With regard to Harriot’s invention of binary, of explicit curiosity is one manuscript (reproduced beneath) that accommodates a report of a weighing experiment on the prime, and examples of binary notation and arithmetic on the backside. Listed below are the calculations from the weighing experiment, which was involved with discovering the distinction in capability between two measuring glasses [3, Harriot, Add. Mss. 6788, 244v]:
troz. 


A. Rounde measuring glasse weyeth dry 
3 
(frac{1}{2}) 
0 
(frac{1}{8}) 
(frac{1}{16}) 
+ 21 gr. 
B. The opposite rounde measure 
3 
0 
(frac{1}{4}) 
(frac{1}{8}) 
(frac{1}{16}) 
+5 gr. 
A. Glasse & water 
11 
0 
0 
(frac{1}{8}) 
0 
+ 28 gr. 
3 
(frac{1}{2}) 
0 
(frac{1}{8}) 
(frac{1}{16}) 
+ 21 

Water 
7 
0 
(frac{1}{4}) 
(frac{1}{8}) 
(frac{1}{16}) 
+ 7 gr. 
B. Glasse & water 
10 
(frac{1}{2}) 
0 
0 
(frac{1}{16}) 
+ 10 gr. 
3 
0 
(frac{1}{4}) 
(frac{1}{8}) 
(frac{1}{16}) 
+ 5 

Water 
7 
0 
0 
(frac{1}{8}) 
0 
5 
diff. 
(frac{1}{4}) 
0 
(frac{1}{16}) 
+ 2 gr. 
Observe right here that “troz” stands for “troy ounce.” Beneath all this, Harriot sketched a desk of the decimal numbers 1 to 16 in binary notation and labored out three examples of multiplication in binary: 109 × 109 = 11881, 13 × 13 = 169, and 13 × 3 = 39; see Determine 1.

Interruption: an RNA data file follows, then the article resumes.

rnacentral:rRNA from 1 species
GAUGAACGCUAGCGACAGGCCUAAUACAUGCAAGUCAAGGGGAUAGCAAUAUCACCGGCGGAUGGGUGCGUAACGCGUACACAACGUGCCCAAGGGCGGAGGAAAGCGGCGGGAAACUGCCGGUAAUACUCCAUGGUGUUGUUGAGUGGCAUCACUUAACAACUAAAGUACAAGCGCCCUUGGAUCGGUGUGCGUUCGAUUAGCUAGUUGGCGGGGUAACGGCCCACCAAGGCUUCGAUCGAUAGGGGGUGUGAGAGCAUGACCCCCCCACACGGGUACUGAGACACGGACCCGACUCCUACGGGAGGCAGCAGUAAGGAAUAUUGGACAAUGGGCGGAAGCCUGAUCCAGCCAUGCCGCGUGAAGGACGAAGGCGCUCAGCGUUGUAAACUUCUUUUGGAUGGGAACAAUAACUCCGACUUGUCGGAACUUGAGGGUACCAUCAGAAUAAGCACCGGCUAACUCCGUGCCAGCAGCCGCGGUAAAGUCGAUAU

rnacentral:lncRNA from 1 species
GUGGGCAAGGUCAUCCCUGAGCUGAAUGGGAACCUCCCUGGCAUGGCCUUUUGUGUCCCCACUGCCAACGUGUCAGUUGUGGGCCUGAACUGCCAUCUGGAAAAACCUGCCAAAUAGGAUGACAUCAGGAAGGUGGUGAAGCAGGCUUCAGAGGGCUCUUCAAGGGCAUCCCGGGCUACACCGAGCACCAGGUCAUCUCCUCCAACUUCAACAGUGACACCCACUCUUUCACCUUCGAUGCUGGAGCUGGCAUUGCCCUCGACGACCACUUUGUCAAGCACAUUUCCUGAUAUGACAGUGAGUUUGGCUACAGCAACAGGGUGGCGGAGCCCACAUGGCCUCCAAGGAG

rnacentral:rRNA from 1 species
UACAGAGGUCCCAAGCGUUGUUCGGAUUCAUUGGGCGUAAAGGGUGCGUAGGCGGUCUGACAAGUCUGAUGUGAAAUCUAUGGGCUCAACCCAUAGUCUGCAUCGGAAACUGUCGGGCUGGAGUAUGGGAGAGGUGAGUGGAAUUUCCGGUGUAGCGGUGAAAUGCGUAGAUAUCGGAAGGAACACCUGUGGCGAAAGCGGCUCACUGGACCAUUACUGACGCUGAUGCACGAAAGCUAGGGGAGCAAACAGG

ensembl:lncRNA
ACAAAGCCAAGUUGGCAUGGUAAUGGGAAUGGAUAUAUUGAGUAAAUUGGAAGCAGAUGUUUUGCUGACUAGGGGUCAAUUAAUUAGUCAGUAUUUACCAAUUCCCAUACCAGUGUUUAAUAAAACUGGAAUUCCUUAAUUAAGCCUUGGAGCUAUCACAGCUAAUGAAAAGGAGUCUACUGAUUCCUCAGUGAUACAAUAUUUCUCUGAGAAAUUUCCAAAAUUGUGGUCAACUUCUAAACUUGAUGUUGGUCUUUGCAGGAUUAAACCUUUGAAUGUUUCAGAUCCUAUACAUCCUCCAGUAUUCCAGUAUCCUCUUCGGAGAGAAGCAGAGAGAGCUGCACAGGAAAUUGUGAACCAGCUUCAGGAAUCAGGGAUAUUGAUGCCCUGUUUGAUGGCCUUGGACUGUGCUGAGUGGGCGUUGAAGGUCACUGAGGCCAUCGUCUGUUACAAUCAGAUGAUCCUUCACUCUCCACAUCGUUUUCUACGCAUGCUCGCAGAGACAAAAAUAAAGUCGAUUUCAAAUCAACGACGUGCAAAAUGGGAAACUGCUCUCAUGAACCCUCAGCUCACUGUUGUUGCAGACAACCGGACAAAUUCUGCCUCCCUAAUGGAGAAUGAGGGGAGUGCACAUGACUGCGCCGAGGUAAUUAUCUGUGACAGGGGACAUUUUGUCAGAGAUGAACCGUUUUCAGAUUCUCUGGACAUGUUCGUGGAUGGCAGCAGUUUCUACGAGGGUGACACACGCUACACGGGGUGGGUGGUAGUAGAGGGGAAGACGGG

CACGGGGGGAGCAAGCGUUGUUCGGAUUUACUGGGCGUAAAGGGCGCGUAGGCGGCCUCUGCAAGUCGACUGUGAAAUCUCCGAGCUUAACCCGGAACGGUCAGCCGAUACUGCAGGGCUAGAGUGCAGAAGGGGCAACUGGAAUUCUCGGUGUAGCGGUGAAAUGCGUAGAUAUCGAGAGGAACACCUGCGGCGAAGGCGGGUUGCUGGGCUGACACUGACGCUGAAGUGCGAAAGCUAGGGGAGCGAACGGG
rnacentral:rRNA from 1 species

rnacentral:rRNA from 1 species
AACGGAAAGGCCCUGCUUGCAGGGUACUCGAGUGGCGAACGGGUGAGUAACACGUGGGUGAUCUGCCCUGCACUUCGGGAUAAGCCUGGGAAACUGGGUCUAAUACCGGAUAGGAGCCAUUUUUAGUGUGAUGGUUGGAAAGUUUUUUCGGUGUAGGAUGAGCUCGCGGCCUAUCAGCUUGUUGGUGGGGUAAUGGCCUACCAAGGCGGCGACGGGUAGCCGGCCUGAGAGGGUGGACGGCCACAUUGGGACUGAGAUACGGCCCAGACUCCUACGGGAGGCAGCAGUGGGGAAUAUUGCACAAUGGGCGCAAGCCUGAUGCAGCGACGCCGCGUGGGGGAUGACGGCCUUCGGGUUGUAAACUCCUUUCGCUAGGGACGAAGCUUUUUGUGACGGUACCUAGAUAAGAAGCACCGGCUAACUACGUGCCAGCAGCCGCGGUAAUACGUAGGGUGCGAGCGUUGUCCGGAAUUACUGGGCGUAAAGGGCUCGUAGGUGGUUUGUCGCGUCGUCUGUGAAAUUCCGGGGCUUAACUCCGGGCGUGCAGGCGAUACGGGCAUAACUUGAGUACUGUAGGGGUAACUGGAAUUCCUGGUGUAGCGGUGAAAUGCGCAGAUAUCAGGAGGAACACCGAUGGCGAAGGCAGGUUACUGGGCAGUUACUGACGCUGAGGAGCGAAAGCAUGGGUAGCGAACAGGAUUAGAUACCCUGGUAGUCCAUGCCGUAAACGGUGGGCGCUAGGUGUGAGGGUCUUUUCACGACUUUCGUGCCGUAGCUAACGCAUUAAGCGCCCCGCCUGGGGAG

As far as I do know, the one one who has tried to elucidate Harriot’s transition from weighing experiments to the invention of binary is Donald E. Knuth, who writes:
Clearly he [Harriot] was utilizing a steadiness scale with halfpound, quarterpound, and many others., weights; such a subtraction was undoubtedly a pure factor to do. Now comes the flash of perception: he realized that he was basically doing a calculation with radix 2, and he abstracted the scenario [4, p. 241].
Whereas Knuth is mistaken in regards to the dimension of weights used, apparently lacking the abbreviation “troz” (= troy ounce) and taking the glyph
to check with pound relatively than ounce, his suggestion relating to Harriot’s “flash of perception” appears believable. However it’s potential to go additional, as a result of it’s unlikely that Harriot stumble on binary notation just because he was utilizing weights in a powerof2 ratio, one thing that was a wellestablished apply on the time. Equally if no more necessary was the truth that he recorded the measurements made with these weights in a powerof2 ratio too. For when recording the weights of the varied partounce measures, Harriot used a rudimentary type of positional notation, by which for each place he put down both the total place worth or 0, relying on whether or not or not the burden in query had been used. Therefore when weighing the primary “glass and water,” Harriot’s result’s equal to:
Place: 
Ounces 
(frac{1}{2}) ounces 
(frac{1}{4}) ounces 
(frac{1}{8}) ounces 
(frac{1}{16}) ounces 
Grains 

Harriot’s measurement: 
11 
0 
0 
(frac{1}{8}) 
0 
28 
Or certainly, if we simply concentrate on the partounces and specific them as powers of two:
2^{–1} ounce 
2^{–2} ounce 
2^{–3} ounce 
2^{–4} ounce 

0 
0 
2^{–3} ounce 
0